After a 15-year run at its South Beach location, the Italian sandwich stop Panfiore has been sued for eviction.
Landlord Vornado Realty Trust filed an eviction lawsuit last week, alleging Panfiore is delinquent on more than $78,000 in unpaid rent.
Panfiore has occupied its small 825-square-foot location at 1627 Alton Road for more than a decade. Founded in 2001, the fast-casual shop served up Italian fare in the form of fresh-pressed paninis, coffees and desserts.
The building, which has the address of 1100 Lincoln Road, came under Vornado’s control when the investment trust paid $132 million for it in 2012.
According to a copy of the restaurant’s lease attached to the lawsuit, Panfiore signed a new agreement to pay a minimum of $8,250 per month — or $99,000 annually — for three years starting July 2015.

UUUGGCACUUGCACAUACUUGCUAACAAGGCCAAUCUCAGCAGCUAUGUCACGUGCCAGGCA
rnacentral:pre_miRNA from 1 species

Three months later, the suit says, Panfiore stopped paying its rent. Vornado filed to evict Panfiore and collect on the rent owed through May 2016 — valued at $78,722 — and is also pushing for accelerated rent, requiring Panfiore to pay out a $282,704 lump sum for the remaining two years of its lease, according to the suit.
The suit names Miami Hospitality Solutions LLC, which does business as Panfiore, as the defendant. The company is managed by Amine Ouzzine and Fernando Barros, who have addresses in Aventura and Hallandale Beach, respectively.
Vornado declined to comment. The number listed on Panfiore’s website and Yelp page had been disconnected, and workers at nearby stores told The Real Deal via phone that the Italian eatery had closed its doors.
Though an explanation for Panfiore’s delinquency isn’t currently available, this wouldn’t be the first time a South Beach restaurant closed due to high rents. Piola, a popular pizza shop, lost its lease in the very same building after its term expired and the landlord raised the rents, making it unfeasible for the eatery to stay, according to published reports.
Rents on Lincoln Road are some of the highest in the nation. Recent reports show prime retail space on Lincoln Road can fetch as much as $300 per square foot annually, and even Panfiore’s relatively small lease reached $120 per foot.